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Musing on purpose.
Bar Harbor
Sent out a resume on Friday, to a new game company in Maynard called Ironlore(thanks for the tip jducouer!). It sounds like it would be a fun gig. Wish me luck.

If it doesn't pan out, I am still somewhat wondering "what I want to do when I grow up". I love games, and I enjoy helping make them, but the industry is so insane/unstable...

Part of me is still attracted to becoming an editor, but until the economy well and truly recovers, no one's interested in hiring people with less than 3 years experience in any particular field. Hell, the competition is brutal for unpaid internships!

The most productive-feeling thing I've done in months was to spend a day working on a web page analyzing visual symbolism in Alan Moore's _Watchmen_. Maybe I belong in academia. I hope kestrell gets into the MIT Comparative Media Studies program. Maybe I could follow her in a year. Though goodness knows how either of us is going to find a way to pay for it...

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Have you thought about Turbine? They're starting on D&D on-line and LoTR on-line.

If they were something you were interested in, I'm sure I know someone who could put in a good word...

Yeah, I've thought about them. I even interviewed there a few years back, and almost got a job. But they're totally focused on massively multiplayer games, and that's not really where my interests lie. I'm not that fond of D&D or LotR (as computer gaming environments) either. Plus, the commute would be a bitch. If only two of those were true, I might still go for it (and I might yet, if I get hungry enough), but I am still hoping for a better fit elsewhere.

Who do you know at Turbine?

Well, then it sounds like it wouldn't be your perfect spot.

(Er, I sort of own part of it... but I tend not to advertize that.)

I sort of own part of it...

Okay, that definitely raises an eyebrow.

To be honest, though, Turbine is a brutal place to try to find a job. When I was out of work a couple of years ago, I made a pretty serious play there: my background in multiuser social environments is super-strong, and I've got a pretty good resume for multiplayer games in specific. So Turbine was an obvious place to try.

But it's *really* tough. First off, they advertise every position far and wide, and don't put any restrictions on headhunters re-advertising them, so every open req appears to get at least several hundred applicants.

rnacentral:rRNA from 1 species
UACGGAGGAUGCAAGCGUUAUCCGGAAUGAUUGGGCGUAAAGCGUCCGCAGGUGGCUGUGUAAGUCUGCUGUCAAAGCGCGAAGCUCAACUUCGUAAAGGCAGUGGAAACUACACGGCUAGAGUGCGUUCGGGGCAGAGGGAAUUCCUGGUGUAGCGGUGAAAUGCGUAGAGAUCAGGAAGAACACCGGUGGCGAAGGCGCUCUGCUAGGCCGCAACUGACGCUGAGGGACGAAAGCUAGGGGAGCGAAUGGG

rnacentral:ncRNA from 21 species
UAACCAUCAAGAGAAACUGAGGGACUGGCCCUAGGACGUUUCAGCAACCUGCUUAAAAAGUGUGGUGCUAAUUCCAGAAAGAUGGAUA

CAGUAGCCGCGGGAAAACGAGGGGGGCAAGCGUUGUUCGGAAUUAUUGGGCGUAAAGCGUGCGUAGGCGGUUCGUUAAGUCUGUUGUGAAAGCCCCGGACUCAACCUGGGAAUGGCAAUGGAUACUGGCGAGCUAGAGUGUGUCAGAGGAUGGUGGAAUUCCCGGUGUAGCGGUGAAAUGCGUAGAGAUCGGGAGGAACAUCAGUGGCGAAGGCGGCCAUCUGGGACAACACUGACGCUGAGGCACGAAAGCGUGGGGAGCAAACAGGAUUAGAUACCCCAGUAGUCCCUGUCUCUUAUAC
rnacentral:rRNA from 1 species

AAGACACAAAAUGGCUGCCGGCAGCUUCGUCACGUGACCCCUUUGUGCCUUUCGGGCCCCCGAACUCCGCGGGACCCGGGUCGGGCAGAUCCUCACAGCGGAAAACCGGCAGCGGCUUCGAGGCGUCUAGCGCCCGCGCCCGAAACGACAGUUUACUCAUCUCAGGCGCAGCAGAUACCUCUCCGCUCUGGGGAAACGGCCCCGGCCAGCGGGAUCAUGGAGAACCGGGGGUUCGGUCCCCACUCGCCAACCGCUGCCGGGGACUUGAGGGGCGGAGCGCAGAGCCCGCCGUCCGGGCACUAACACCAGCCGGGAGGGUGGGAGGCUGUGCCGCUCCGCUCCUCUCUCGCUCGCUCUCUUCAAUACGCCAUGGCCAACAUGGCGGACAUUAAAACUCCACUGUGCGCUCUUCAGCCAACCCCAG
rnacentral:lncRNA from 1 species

Second, they have the most extraordinary technical screening. On the one hand, I kind of appreciate that: it was one of the very few places that asked technical questions at the screening stage where said questions weren't totally idiotic. But damn -- I spent something like 2 full days just answering the damned thing. The complexity and depth involved were comparable to a strong CS take-home final exam. (Four separate "tests", each requiring major thought and design, not to mention a good deal of code.)

Third, follow-through was pretty weak. I can sympathize with that -- if they're trying to wade through hundreds of applications, and asking even a good fraction of those people to deal with that screen, the amount of work involved in reviewing the answers must be unbelieveable. Still, I got the distinct impression that they had a process that they were having trouble supporting.

In the end, the position wound up getting withdrawn, which was mighty frustrating, given the amount of work I'd put into applying for it. It was a bit of a longshot, to be fair -- unlike alexx_kay, I can't really claim to be a hardcore computer gamer per se, and that's shot me down at more than one company. (It's almost a shibboleth these days: if you don't play computer games for multiple hours a day, they don't want to hear from you.) Still, it was an annoying way for the process to end...

Raises an eyebrow... how?

I'm not saying it's the best place in the world. I've known some people to really enjoy their work experience there, and others to not so much. After we got in bed with MS things got much more crazy too. Plus the more investors there are (and there's always more) the less any of us seem to be able influence things and changes.

I've enjoyed the end products (Asheron's Call), the work being done right now is quite impressive IMHO, and if I were looking for a job in the game industry, I'd think it a good opertunity to work there - though you wont get that little mom and pop startup feeling you once would of.

I'm sorry to hear your experience there was unpleasant.

When I interviewed there, it wasn't quite so brutal, but it was certainly the most intense interview I've yet experienced. I was gang-interviewed, in squads, for essentially a full business day. And that was after having gone through two fairly lengthy telephone interviews.

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